It’s Carers Week from June 8-14, which aims to raise awareness of the importance of caring and highlight the challenges that carers face.
Yet while this annual national campaign will be celebrating the vital contribution made by the UK’s 6.5 million carers, many of these unsung heroes will be feeling alone and struggling to cope.
Many don’t even think of themselves as carers and end up missing out on advice and information that can help make their lives – and the lives of those they look after – so much easier, says leading south east law firm Furley Page.
“There are many ways we can all help and offer our support,” says Furley Page Partner Nicola August, who heads the firm’s Elderly and Vulnerable Client Team. “As individuals, for example, you can send information about caring to family and friends and get them to support Carers Week via social media or you can organise activities or events to draw attention to just how important the role of a carer is.
“Employers can also help by recognising that their staff may have caring responsibilities too and that there are many simple steps they can take to improve the wellbeing of colleagues. Just talking about caring makes a difference,” adds Nicola.
This year’s Carers Week focuses on building Carer Friendly Communities which can support carers to look after their loved ones; this is something that Nicola, who advises families and carers of vulnerable and elderly clients, and who specialises in care funding advice and later life matters, understands only too well.
“We recognise that carers are individuals with needs of their own, which is why we provide as much help as possible.
“For example, carers may not be aware that the new Care Act – arguably the biggest shake-up in social care for more than 60 years – is bringing in a number of sweeping changes that will have an impact on them. Some of the Care Act came into effect on April 1, including new obligations on local authorities.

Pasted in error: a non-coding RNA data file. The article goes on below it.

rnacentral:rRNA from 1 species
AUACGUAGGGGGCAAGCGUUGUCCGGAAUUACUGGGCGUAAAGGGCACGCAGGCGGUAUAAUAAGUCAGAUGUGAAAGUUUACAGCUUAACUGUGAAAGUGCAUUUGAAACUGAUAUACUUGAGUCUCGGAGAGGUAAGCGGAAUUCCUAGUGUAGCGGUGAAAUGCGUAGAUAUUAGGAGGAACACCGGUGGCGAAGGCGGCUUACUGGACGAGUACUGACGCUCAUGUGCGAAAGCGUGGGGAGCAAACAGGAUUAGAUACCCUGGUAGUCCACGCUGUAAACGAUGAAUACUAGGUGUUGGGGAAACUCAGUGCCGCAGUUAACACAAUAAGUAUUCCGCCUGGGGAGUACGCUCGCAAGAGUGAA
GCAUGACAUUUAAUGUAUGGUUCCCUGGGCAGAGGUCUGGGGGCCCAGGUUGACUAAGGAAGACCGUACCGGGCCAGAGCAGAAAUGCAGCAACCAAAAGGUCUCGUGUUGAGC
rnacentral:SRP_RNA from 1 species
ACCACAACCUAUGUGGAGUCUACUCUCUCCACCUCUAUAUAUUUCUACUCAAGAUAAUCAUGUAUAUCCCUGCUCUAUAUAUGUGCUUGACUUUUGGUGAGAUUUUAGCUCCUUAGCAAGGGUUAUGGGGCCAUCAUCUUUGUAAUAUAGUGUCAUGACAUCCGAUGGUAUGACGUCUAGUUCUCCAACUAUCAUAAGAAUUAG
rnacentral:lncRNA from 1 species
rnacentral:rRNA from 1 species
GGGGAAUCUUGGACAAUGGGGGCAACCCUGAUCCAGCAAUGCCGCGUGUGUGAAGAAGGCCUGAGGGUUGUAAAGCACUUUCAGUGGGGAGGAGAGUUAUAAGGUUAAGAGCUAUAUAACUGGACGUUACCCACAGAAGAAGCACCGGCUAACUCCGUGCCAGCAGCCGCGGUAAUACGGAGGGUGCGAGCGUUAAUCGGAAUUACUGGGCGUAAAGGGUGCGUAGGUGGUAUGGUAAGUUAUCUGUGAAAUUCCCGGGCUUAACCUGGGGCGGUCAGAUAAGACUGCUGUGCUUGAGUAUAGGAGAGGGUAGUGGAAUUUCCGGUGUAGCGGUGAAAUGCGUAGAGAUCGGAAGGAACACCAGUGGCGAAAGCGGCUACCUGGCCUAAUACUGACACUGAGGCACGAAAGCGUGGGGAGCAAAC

“As a carer, you now have new rights which include entitlement to a carer’s assessment where you appear to have needs of your own in connection with your role as a carer. There is also now a national eligibility criteria, which means that if you or the person you’re caring for meets a minimum threshold, you may be eligible to receive support,” adds Nicola.
Major changes to the funding of long-term care are also likely to impact on families. “While most of the changes to social care funding don’t come into effect until April 2016, carers may be concerned about how the person they are caring for will be able to pay for care and are unsure about what help they may be entitled to,” says Nicola.
“Most press coverage of the changes has focused on the over-simplified headline-grabbing statistics, such as a cap on fees payable but, as always, the devil is in the detail and the new rules are complicated. Many people are struggling to understand the full implications of these changes but these are all issues which we can offer guidance on.”
Nicola and her team can also give carers and their families help and advice on Will drafting, Advance Decisions (or Living Wills), Powers of Attorney, and care fee funding (under the new Care Act), including NHS Continuing Healthcare.
For further help on any of these issues, contact Nicola August on 01227 763939.
To find out more about Carers Week, go to www.carersweek.org
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